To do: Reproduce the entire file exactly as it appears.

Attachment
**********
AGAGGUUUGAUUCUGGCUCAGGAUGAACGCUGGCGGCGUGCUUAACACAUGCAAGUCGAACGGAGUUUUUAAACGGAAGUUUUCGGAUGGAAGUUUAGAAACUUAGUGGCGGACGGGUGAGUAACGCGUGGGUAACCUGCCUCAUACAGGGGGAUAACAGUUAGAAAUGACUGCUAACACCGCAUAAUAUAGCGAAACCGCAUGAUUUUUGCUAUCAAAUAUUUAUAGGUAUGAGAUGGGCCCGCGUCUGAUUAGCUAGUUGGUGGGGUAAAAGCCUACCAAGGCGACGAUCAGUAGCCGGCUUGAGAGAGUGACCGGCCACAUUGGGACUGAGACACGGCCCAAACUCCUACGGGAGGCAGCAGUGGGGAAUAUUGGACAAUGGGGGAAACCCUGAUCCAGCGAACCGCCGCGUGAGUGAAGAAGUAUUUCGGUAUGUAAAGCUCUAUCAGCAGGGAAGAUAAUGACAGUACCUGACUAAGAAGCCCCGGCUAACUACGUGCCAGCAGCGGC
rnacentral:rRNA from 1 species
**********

AGAGGUUUGAUUCUGGCUCAGGAUGAACGCUGGCGGCGUGCUUAACACAUGCAAGUCGAACGGAGUUUUUAAACGGAAGUUUUCGGAUGGAAGUUUAGAAACUUAGUGGCGGACGGGUGAGUAACGCGUGGGUAACCUGCCUCAUACAGGGGGAUAACAGUUAGAAAUGACUGCUAACACCGCAUAAUAUAGCGAAACCGCAUGAUUUUUGCUAUCAAAUAUUUAUAGGUAUGAGAUGGGCCCGCGUCUGAUUAGCUAGUUGGUGGGGUAAAAGCCUACCAAGGCGACGAUCAGUAGCCGGCUUGAGAGAGUGACCGGCCACAUUGGGACUGAGACACGGCCCAAACUCCUACGGGAGGCAGCAGUGGGGAAUAUUGGACAAUGGGGGAAACCCUGAUCCAGCGAACCGCCGCGUGAGUGAAGAAGUAUUUCGGUAUGUAAAGCUCUAUCAGCAGGGAAGAUAAUGACAGUACCUGACUAAGAAGCCCCGGCUAACUACGUGCCAGCAGCGGC
rnacentral:rRNA from 1 species